The newest line of the London underground isn’t exactly young anymore. Added to the network in 1979, some of the tracks go back as far as 1932 and the stations to 1879. Today, it runs in a diagonal patter from Stanmore in Northwest London and curving up at the end to Stratford in East London. Of course, being the youngest of the Underground lines doesn’t mean that there is any shortage of interesting facts about the Jubilee Line. From royal connections to interesting safety features, there are plenty of fascinating tidbits.
The Royal Line
The Jubilee Line was originally to be named the Fleet Line after the River Fleet that runs through the city. However, when London Transport sought to introduce the Silver Jubilee bus line in 1975 in anticipation of the 25th Anniversary of Queen Elizabeth II’s reign, a name change was deemed to be in order and the Fleet Line became the Jubilee Line. The line is denoted with the colour silver on the Underground map as a reference to the Silver Jubilee and the official colour is Pantone 430. Prince Charles opened it officially on 30 April 1979.
There’s Just No Pleasing Some People
A 2012 survey showed that the Jubilee Line was the most complained about of all the Underground lines. In one month, the Jubilee Line received 331 complaints, while second place went to the Victoria Line at 317.
Health & Safety
Unfortunately, one of the more popular methods of suicide in London is to jump in front of an oncoming Tube train. To safeguard against this, the eastern extension of the Jubilee Line has automatic glass screens that are designed to discourage potential jumpers, only opening once the train arrives in the station.
The Jubilee Line is the only one in the Underground system that connects with all of the other lines.
The Silver Screen
Along with the disused Aldwych Station on the Piccadilly Line, the non-operational Jubilee Line complex at Charing Cross Station sees its fair share of filming for television and movie productions. The complex tends to be used when production crews need a more modern-looking Underground station and has been seen in the television programme Spooks as well as films such as 28 Weeks Later and Skyfall. This year, the station doubled as a pop-up cinema showing such films as Blade Runner, Strangers on a Train, An American Werewolf in London, and Paddington.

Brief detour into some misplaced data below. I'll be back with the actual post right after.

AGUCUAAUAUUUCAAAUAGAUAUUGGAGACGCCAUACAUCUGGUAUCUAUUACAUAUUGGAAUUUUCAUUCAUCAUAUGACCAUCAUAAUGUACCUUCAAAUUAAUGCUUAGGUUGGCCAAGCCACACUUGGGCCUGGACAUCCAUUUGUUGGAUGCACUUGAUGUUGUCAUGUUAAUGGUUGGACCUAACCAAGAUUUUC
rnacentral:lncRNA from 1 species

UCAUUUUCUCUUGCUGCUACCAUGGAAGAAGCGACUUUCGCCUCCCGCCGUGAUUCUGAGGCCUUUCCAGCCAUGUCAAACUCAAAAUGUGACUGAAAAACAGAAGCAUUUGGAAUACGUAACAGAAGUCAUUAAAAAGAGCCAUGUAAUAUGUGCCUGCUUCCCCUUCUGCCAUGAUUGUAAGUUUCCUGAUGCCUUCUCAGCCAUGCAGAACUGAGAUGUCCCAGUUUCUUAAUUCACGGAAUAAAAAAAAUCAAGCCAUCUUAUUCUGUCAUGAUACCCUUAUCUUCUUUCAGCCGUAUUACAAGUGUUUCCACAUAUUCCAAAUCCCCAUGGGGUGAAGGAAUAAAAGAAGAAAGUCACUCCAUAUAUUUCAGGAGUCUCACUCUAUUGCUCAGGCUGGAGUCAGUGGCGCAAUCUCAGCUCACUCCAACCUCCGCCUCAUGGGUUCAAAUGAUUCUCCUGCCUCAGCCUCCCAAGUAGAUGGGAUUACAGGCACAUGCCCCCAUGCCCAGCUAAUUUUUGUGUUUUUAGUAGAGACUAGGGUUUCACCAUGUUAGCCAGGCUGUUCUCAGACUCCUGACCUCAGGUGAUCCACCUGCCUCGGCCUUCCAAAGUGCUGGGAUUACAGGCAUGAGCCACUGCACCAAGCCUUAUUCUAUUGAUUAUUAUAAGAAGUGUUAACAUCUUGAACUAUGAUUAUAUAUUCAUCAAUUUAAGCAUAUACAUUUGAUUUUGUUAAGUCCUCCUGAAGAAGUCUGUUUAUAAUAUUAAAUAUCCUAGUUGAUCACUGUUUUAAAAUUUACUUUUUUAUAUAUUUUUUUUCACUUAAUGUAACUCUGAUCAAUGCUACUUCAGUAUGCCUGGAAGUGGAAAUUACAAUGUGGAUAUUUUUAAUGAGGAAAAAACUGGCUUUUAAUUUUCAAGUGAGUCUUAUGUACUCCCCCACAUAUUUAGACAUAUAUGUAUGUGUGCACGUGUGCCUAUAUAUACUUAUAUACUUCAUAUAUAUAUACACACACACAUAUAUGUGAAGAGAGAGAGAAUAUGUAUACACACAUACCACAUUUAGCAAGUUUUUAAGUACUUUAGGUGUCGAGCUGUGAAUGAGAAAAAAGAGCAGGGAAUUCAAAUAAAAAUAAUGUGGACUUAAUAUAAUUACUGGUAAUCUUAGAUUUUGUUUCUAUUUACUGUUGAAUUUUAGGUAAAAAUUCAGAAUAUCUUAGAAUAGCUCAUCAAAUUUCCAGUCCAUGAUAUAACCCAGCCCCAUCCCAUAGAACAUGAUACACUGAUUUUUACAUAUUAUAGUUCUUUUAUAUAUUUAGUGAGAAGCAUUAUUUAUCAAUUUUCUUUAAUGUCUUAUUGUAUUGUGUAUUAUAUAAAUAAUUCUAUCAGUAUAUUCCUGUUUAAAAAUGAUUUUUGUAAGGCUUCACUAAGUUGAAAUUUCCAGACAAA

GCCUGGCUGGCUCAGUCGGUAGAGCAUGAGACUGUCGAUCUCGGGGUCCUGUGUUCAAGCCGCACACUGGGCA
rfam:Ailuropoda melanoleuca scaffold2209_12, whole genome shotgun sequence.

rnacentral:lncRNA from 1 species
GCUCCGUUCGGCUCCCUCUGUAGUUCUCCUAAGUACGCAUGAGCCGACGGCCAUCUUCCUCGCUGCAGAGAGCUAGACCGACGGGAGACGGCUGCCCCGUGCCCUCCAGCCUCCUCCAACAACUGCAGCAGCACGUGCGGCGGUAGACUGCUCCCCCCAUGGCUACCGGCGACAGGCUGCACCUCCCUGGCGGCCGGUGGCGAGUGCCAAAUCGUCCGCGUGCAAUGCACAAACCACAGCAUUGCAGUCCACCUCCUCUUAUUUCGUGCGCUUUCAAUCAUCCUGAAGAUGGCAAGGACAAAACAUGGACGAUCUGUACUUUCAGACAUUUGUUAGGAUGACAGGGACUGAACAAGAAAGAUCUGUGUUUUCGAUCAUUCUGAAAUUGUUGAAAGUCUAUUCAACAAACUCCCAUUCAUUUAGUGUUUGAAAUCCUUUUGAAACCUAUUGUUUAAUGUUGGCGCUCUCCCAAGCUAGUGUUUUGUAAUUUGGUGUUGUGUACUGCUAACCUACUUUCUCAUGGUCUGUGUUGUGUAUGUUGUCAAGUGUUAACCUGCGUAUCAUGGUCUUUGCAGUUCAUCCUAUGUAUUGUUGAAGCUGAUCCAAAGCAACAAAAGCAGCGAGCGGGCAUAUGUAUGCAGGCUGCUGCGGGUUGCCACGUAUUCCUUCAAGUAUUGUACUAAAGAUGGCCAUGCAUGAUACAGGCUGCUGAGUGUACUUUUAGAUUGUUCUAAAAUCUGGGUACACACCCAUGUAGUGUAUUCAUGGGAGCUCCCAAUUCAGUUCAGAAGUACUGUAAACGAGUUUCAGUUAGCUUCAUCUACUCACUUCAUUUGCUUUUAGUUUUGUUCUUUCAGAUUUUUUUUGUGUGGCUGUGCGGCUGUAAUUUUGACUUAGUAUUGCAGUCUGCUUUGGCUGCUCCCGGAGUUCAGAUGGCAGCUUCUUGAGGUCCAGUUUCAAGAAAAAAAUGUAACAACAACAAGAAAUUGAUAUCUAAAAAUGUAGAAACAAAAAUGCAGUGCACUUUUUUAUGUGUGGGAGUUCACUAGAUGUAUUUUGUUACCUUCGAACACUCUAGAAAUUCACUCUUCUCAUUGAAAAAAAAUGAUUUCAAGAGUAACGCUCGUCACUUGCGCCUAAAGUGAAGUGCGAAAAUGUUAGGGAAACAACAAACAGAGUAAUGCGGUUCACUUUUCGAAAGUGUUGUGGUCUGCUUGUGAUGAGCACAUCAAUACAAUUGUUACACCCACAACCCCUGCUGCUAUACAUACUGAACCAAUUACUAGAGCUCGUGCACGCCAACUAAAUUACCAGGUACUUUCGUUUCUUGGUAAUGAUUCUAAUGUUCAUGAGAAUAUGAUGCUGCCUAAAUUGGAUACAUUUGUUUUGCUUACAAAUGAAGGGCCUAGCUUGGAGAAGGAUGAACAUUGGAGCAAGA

We Have to Go Deeper
The Jubilee Line is the deepest of all the lines at 105 feet (32 metres) below sea level, which is 221 feet (68.8 metres) below ground level.
The blue cone wall in Southwark Station is said to have been inspired by a set piece from an 1816 production of The Magic Flute. Meanwhile, the modern look of the Canary Wharf Station was designed by Sir Norman Foster, who also designed 30 St. Mary Axe, better known as the Gherkin. It opened in 1999 and a 2013 poll declared it as the “most beloved” station on the Underground.
So Close, but So Far
The two closest stations on the Jubilee Line are Waterloo and Southwark, which are less than half a mile from each other. Walking from one to the other takes roughly half as long. The two furthest stations are Kingsbury and Wembley Park.
Jubilee Line trains run 29,208 kilometres on an average weekday, 27,000 km on Saturday, and 21,000 km on Sundays. The trains used to have only six carriages, but later added a seventh, meaning they can carry 6,000 more passengers per day. Each one of the carriages can seat 234 people and are 126 metres long.
The rail track on the Jubilee Line extension is topped with aluminum, which is softer than the wheels of the train. This means that the metal wears out faster, but the tracks are easier and more cost-effective to replace.